Gestures verses Energy
Gestures verses Energy
(small piece of a transcript from a video for the IHTC 5)
Jean Luc Cornille
Gestures verses Energy
“The man who views the world at 50 the same as he did at 20 has wasted 30 years of his life.” (Muhammad Ali)
Many equestrians are wasting decades of their life perpetuating postural equitation, neck position, limbs placements, rider position, correct aids, etc., instead of evolving with actual understanding of the dynamics involved.
About two decades ago, a German trainer promised the mastery of the piaff activating the horse’s hind legs with a dressage whip and the horse’s forelegs with a bamboo pole. This was a perfect oxymoron; touching the forelegs with a bamboo pole, the trainer attempted correcting the front limbs’ kinematics abnormalities that he created activating the hind legs with a dressage whip. When the dynamics of equine athletic performances is not understood, and therefore, trainers are unable to develop and coordinate efficiently the horse’s physique for the athletic demand of the performance, they simulate limbs gestures mimicking the performances. Instead of furthering their equitation and education in the light of new knowledge, they return to archaism wasting decades of their students’ life and the horses’ entire life.
The twenty first Century started with a new line of thinking. Under the title, “Horses damper their spring in their stride,” Allan Wilson and Antony von den Booger wrote, ““The muscular work of galloping in horses is halved by storing and returning elastic strain energy in spring-like muscle-tendon units.” (Alan M. Wilson, M. Polly McGulgan, Anne Su & Anton J. van den Bogertt, Department of Biomedical Engineering, Cleveland Clinic Foundation - 2001) Originally, elastic properties were believed to be exclusively at the level of the distal limbs’ long tendons; deep digital, superficial flexor tendons and suspensory ligaments, store energy when they elongate, which they release when they return to their normal length. Further studies have demonstrated a much advanced usage of elastic strain energy through the whole muscular system. Muscles are composed of cells and connective tissues often referred to as “tendinous material” and elastic strain energy occurs within the muscle in the absence of tendon. A great part of the limbs protraction, elevation and amplitude are the outcome of elastic strain energy produced during the stance or support phase. This of course is related to adequate coordination of the horse’s whole physique. Trainers who are unable to achieve appropriated coordination of the horse’s physique try faking hind and front legs movements touching or hitting the limbs with a bamboo perch or a dressage whip.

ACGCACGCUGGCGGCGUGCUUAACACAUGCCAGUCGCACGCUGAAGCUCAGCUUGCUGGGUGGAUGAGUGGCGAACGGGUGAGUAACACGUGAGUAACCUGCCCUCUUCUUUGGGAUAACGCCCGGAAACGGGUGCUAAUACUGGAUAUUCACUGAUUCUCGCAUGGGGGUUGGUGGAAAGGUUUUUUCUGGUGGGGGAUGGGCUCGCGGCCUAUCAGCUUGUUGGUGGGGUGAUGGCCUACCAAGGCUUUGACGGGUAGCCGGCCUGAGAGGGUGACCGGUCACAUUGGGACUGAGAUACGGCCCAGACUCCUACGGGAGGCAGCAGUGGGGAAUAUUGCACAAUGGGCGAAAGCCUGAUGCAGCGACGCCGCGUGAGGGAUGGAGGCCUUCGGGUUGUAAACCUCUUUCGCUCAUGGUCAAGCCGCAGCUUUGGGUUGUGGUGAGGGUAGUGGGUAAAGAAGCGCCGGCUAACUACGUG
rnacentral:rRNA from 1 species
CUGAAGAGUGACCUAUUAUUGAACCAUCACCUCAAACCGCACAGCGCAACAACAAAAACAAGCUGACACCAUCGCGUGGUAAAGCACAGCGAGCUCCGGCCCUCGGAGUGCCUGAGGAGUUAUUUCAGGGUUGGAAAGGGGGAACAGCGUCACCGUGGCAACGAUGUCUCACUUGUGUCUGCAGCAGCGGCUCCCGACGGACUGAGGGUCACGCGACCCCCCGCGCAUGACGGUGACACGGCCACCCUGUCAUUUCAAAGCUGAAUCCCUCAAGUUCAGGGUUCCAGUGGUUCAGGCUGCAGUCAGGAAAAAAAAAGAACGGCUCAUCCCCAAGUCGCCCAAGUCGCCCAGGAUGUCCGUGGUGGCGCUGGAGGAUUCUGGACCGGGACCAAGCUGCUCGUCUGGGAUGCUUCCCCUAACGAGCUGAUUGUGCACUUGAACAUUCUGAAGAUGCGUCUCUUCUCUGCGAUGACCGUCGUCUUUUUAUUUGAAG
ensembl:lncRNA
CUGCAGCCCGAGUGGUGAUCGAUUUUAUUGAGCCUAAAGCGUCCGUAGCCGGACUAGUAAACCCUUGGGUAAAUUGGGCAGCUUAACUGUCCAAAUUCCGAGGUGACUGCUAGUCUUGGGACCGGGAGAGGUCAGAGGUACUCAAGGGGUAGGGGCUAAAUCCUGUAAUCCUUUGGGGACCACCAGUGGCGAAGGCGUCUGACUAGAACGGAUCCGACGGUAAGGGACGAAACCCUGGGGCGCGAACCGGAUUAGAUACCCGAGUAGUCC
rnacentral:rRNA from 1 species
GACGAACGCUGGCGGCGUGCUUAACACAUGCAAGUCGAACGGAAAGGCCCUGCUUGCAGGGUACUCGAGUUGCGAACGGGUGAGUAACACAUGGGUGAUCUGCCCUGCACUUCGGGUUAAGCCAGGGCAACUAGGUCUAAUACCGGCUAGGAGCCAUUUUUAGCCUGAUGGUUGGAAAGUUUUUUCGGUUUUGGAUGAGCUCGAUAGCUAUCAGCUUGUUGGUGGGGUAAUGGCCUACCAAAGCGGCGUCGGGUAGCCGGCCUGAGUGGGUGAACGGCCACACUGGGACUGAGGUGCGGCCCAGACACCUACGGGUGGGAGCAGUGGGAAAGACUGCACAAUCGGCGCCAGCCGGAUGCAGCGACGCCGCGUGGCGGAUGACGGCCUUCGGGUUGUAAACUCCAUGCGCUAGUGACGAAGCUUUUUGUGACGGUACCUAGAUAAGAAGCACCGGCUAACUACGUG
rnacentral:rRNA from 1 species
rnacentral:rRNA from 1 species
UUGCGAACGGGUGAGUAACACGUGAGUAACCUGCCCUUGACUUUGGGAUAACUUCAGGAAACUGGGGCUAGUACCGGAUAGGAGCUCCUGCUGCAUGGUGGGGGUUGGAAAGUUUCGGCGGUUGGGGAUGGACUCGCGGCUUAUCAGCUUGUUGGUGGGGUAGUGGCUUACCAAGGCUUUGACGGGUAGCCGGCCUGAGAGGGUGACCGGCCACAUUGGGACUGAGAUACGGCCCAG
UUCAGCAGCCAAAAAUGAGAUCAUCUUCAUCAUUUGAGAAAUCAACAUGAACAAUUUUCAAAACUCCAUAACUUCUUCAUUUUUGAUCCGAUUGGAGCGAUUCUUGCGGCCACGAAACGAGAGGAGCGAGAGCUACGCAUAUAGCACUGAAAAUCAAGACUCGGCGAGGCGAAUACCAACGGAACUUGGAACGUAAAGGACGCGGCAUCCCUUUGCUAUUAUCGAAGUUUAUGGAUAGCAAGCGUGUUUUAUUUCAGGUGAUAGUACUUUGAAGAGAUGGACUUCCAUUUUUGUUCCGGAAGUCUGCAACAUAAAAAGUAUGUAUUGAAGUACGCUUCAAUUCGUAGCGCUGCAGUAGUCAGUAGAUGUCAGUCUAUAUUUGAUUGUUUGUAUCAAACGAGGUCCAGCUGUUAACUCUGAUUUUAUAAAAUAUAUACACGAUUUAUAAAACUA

The pantomime is not harmless. From neck oscillations to thoracolumbar movements, limbs and vertebral column have to work in harmony. When instead of maximizing the elastic recoil of the forelegs, trainers try creating elevation touching the front limbs with a bamboo pole, they alter elastic recoil forcing the horse less efficient locomotion and more intense muscular work. Gaits and performances are like an artistic event. They are sublime orchestration of kinematics energy, creating kinetic energy, enhancing kinematics energy. When a whip or a bamboo pole comes in the story is like a perch placed in the middle of a complex gearing. It disrupts the whole mechanism. One just has to look at the swing phase of the hind legs of a horse working over cavalettis. A great part of the hind legs’ forward swing results from the elastic stain energy accumulated during the stance. The limb swing forward and the hoof flies low above the ground. If a pole is on the ground, and therefore, on the trajectory of the forward swing of the hoof, the swing is compromised and the horse contracts the gastrocnemian muscles which lift the hock up and back. The kinematics of the hind limbs is then totally different. Instead of swinging energetically forward, the hind limb executes an upward movement at the level of the hocks that flattens the pelvis.
Horses deal with training incongruities altering the kinematics of their hind and front limbs. Flattening of the pelvis alters normal forward swing of the protracting hind limb. The horse compensates increasing the rotation of the femur around the hip joint. James Rooney explained in 1976 how increasing the rotation of the femur around the hip joint compromised stability and integrity of the stifle. This happens over cavalettis but also on the flat when hind legs engagement is stimulated without adequate dorso-ventral rotation of the pelvic and therefore proper mechanism of the thoracolumbar column. When asked for deeper engagement of the hind legs without proportional flexion of the thoracolumbar spine, the horse increases the rotation of the femur around the hip joint. While rotating around the hip joint, the femur undergoes simultaneously an inward rotation around the tibia. This rotary movement of the femur occurs toward the outside, (medial-to-lateral,) during the swing phase and toward the inside, (lateral-to-medial,) during the support phase. As the protracting hind leg swings forward, the stifle extends and the usual medial-to-lateral rotation occurs. “If the extension is carried on beyond about 143-145°, there is a final lateral-to-medial twist, which rotates the patella medially and hooks the medial patellar ligament over the medial ridge of the femoral trochlea. The stifle is “locked” and flexion prevented.” (James R, Rooney, Biomechanics of lameness in horses, 1968) This is the mechanism of accidental locking of the patella. Quickly, the horse’s brain prevents accidental lock lifting the patella contracting the quadriceps muscle and moving the patella laterally contracting the biceps. However, cartilage and ligaments of the stifle joint are stressed abnormally and the repetition of such abnormal stresses causes injury. This is why we never use cavalettis for the reeducation of stifle problem. In fact, this is why we never use cavalettis at all.